The subject of reanimation and zombie literature is one of the most quickly growing pieces of literature available today. And so it’s surprising when a team of archaeologists unearthed a skeleton and learned that the dead had stones placed in their mouths for some reason unknown in Ireland. The skeletons clearly had their mouths moved substantially in order to have the stones fit, which caused the dislocation of the skeletons of those involved.
So why put stones in the mouths of the dead? Were they intended to assist them in the afterlife, or was this to keep the dead from rising? Given the approximate time of burial just around the 8th century we can almost rule out the former. But the latter may actually have some precedent in 8th century Ireland. And as excavations continued, archaeologists began to realize that the remains had this practice performed on them for several centuries. But where else have we seen this sort of thing? Remains were frequently moved or altered in order to keep with the traditions of the time or region. And the rituals involved had to do with both the well-being of the dead and his or her survivors.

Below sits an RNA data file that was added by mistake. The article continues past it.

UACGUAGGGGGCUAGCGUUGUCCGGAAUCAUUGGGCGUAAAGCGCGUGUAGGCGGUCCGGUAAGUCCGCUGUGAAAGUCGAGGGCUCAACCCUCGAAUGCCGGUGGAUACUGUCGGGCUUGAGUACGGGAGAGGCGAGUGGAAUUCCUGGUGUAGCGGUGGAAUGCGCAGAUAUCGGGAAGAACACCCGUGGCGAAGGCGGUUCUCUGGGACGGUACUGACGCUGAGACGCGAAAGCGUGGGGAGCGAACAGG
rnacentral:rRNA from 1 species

The weight could have been an anchor too heavy to keep the skeleton from rising, or it could have been because of fears that the dead would rise up from the grave. It may still be disturbing, but the idea that bodies may rise up from the grave has been around for a bit longer than zombie literature.
But there are other explanations being proposed as well. In New Orleans bodies are not buried in several areas because when the water level rises there are fears that the coffins – if sealed tightly enough – would be pulled up explosively from the ground. As a result most graveyards are aboveground.
In ancient Rome coins were placed on the eyes of the dead so they would be able to pay the river keeper Charon as they crossed into death across the river Styx into the underworld of the dead, “Hades.” If coins were not placed on the eyelids of these souls they may find it impossible to find peace and enter their next life.
So was this an early form of zombie deterrent? Or was it something else? Scientists scrutinizing images of the dead rising from the grave have since stated that no creature would be able to dig its way out of the ground in human form without a supernaturally improved strength. The sheer weight of the Earth is more than enough to keep most beings underground more permanently. It’s hard to imagine the weight of some of these stones would make the journey much easier, however, given the shallowness of some of the graves.